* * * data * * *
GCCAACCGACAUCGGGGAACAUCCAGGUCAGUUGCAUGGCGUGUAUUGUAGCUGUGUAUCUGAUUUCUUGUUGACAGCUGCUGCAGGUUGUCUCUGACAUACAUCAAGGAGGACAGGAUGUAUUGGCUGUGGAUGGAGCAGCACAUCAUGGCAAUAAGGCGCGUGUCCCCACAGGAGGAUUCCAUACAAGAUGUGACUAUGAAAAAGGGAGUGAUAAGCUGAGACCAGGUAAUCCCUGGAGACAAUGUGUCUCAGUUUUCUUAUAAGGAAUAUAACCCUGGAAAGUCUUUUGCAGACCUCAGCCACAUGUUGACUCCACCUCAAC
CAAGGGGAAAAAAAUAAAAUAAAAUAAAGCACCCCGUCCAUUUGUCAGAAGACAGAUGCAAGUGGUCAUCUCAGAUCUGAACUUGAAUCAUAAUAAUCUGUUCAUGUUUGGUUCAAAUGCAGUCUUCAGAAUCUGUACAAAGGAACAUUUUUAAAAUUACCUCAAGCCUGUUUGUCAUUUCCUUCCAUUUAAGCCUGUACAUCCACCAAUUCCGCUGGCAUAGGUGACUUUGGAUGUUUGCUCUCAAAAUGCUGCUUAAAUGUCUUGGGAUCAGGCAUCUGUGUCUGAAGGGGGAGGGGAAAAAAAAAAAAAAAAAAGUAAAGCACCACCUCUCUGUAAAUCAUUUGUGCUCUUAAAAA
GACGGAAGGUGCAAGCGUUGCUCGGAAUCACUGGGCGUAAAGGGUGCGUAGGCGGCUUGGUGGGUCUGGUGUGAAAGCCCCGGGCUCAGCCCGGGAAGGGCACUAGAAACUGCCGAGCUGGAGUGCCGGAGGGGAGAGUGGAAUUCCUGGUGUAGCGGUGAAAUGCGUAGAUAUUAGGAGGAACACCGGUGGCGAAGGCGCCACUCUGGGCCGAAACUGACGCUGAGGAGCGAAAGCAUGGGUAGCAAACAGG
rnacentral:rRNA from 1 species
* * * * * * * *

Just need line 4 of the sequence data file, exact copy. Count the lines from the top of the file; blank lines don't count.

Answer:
rnacentral:rRNA from 1 species